Newton noted that there is an inherent fallacy that Luddites often employ with innovation fear mongering. And that is that there is only a finite amount of work to be done. So, if an innovation takes away some of this work, there will be less work and less need for humans to do it.

AI will automate routine tasks, freeing up lawyers to focus on more complex, billable work

But with accountants and, Newton argues, perhaps with lawyers, more and different types of work can be done once AI and automation replace work that humans don’t necessarily need to do. The crux of his argument lies in the idea that AI will automate routine tasks, freeing up lawyers to focus on more complex, billable work.

Newton has long claimed that a tremendous amount of legal needs are not being met, which is no doubt true. The problem is that these needs are not met because the cost of serving the needs is more than this market will bear. Lawyers’ hourly rates are simply too high for people with unmet needs can afford. Yet, to meet expenses, pay study loans, and have at least a modest standard of living, many lawyers can’t charge the kind of rates to tap into this market.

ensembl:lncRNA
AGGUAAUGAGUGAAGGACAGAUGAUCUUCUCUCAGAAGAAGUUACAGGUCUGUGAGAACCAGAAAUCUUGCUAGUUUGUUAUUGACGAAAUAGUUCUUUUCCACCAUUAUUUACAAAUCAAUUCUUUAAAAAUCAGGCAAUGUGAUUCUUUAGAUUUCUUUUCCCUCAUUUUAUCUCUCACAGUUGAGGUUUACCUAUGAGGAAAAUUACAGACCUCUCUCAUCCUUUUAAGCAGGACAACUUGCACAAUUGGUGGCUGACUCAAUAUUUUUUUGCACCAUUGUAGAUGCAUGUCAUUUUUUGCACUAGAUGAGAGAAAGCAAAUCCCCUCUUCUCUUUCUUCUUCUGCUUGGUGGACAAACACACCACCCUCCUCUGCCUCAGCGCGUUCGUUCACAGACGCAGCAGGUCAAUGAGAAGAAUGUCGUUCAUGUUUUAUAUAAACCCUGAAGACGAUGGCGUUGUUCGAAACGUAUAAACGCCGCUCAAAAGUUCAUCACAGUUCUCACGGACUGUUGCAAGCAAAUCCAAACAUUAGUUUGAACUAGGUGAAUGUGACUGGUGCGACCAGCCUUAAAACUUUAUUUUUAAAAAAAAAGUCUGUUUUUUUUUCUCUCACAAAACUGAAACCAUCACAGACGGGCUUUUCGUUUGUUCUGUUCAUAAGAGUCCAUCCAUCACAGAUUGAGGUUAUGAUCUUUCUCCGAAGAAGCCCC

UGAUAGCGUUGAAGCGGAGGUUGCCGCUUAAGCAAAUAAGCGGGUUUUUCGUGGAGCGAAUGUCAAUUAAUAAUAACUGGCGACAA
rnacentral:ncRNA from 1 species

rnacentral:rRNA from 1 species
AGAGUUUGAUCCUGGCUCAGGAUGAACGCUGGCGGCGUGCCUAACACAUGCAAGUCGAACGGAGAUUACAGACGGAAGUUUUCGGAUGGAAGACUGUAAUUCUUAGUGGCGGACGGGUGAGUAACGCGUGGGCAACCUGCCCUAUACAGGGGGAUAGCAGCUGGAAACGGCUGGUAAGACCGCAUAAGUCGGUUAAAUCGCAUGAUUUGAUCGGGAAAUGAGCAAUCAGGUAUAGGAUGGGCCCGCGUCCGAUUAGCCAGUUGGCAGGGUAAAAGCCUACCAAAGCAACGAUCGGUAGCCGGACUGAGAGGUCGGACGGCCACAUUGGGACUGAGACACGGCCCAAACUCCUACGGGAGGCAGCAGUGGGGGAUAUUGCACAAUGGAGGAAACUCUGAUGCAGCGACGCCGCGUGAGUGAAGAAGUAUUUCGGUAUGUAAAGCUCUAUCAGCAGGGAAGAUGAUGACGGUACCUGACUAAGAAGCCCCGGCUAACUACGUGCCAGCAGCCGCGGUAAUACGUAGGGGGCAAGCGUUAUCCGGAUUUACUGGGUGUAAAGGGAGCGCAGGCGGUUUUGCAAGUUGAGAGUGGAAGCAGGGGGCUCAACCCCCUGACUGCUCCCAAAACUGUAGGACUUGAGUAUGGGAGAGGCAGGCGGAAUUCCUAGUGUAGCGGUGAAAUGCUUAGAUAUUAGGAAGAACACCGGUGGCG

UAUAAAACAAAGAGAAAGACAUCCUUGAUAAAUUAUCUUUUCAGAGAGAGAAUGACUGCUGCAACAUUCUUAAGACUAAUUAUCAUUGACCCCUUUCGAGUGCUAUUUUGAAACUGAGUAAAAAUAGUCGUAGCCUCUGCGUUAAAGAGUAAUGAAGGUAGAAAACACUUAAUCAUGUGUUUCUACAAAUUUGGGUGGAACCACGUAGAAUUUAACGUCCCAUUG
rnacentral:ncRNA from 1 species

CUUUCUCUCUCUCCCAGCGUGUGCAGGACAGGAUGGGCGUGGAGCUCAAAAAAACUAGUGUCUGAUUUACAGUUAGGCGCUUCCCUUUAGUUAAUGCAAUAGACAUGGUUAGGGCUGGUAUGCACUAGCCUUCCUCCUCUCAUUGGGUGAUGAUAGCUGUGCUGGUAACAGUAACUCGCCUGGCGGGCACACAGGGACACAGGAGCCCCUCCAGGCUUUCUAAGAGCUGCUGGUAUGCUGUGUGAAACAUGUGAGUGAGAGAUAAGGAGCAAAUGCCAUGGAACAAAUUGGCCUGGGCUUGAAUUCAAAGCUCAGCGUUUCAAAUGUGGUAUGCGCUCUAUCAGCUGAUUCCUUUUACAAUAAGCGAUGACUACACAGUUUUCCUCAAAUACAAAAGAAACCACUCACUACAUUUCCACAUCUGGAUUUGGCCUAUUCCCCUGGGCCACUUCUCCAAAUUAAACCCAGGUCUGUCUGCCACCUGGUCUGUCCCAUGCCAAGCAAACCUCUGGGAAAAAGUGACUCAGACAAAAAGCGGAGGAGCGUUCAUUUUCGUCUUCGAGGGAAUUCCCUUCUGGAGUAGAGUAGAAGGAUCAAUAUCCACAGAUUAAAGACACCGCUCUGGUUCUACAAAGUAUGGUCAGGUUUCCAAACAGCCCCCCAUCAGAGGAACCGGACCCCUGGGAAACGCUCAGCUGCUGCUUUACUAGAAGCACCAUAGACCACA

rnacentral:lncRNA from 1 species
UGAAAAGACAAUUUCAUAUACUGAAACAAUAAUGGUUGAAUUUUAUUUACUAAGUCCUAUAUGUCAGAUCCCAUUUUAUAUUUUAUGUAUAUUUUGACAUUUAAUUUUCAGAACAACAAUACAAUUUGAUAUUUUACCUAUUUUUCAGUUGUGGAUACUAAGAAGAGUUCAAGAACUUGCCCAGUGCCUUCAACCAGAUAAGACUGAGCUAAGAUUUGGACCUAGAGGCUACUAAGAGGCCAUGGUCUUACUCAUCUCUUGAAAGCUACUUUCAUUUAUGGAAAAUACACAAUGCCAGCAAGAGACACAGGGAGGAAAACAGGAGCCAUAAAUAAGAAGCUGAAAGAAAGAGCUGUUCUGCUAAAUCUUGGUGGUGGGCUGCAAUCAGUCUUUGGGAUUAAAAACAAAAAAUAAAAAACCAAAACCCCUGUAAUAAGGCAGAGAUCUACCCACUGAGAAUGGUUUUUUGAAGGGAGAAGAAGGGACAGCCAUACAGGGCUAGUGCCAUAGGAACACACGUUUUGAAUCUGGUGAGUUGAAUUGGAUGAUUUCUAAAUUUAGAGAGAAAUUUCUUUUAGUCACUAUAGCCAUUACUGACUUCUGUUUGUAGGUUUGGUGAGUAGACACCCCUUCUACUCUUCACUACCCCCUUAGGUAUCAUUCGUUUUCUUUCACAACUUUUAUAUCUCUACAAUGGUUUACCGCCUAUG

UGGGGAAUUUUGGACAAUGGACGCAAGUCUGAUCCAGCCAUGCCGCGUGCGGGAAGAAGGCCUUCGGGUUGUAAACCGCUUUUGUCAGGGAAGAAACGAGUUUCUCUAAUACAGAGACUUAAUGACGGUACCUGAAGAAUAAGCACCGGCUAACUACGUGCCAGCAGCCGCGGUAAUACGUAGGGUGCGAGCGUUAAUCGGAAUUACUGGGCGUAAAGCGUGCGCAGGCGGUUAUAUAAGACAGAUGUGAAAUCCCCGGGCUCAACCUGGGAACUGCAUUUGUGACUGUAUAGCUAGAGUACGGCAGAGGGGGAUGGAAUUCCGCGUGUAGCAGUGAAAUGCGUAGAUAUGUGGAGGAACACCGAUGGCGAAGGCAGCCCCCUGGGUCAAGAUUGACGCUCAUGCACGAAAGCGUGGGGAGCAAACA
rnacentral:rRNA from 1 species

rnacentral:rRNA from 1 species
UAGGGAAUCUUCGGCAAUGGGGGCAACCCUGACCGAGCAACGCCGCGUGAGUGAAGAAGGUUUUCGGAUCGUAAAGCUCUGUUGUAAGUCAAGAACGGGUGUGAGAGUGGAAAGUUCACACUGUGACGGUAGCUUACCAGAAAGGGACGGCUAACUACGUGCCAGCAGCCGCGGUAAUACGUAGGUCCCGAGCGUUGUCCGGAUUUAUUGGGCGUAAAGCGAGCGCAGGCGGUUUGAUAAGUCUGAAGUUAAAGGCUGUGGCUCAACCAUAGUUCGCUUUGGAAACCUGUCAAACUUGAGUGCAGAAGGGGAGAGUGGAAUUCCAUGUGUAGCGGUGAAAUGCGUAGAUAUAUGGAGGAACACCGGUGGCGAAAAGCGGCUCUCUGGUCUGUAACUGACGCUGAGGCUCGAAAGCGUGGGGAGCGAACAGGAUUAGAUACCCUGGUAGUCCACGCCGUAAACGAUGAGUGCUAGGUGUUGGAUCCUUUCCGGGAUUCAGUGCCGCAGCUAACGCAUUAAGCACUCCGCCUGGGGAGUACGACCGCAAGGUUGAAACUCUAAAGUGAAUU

Newton’s thesis is that AI and automation can do much of the work to meet these needs and reduce the amount of work humans need to do. This will enable lawyers to do more with less and increase revenues from this work. Legal services will become more affordable and hence drive more work within this market to lawyers. Lower dollar value but more matters can be handled.

The biggest challenge lies in the traditional billing model, which relies heavily on billable hours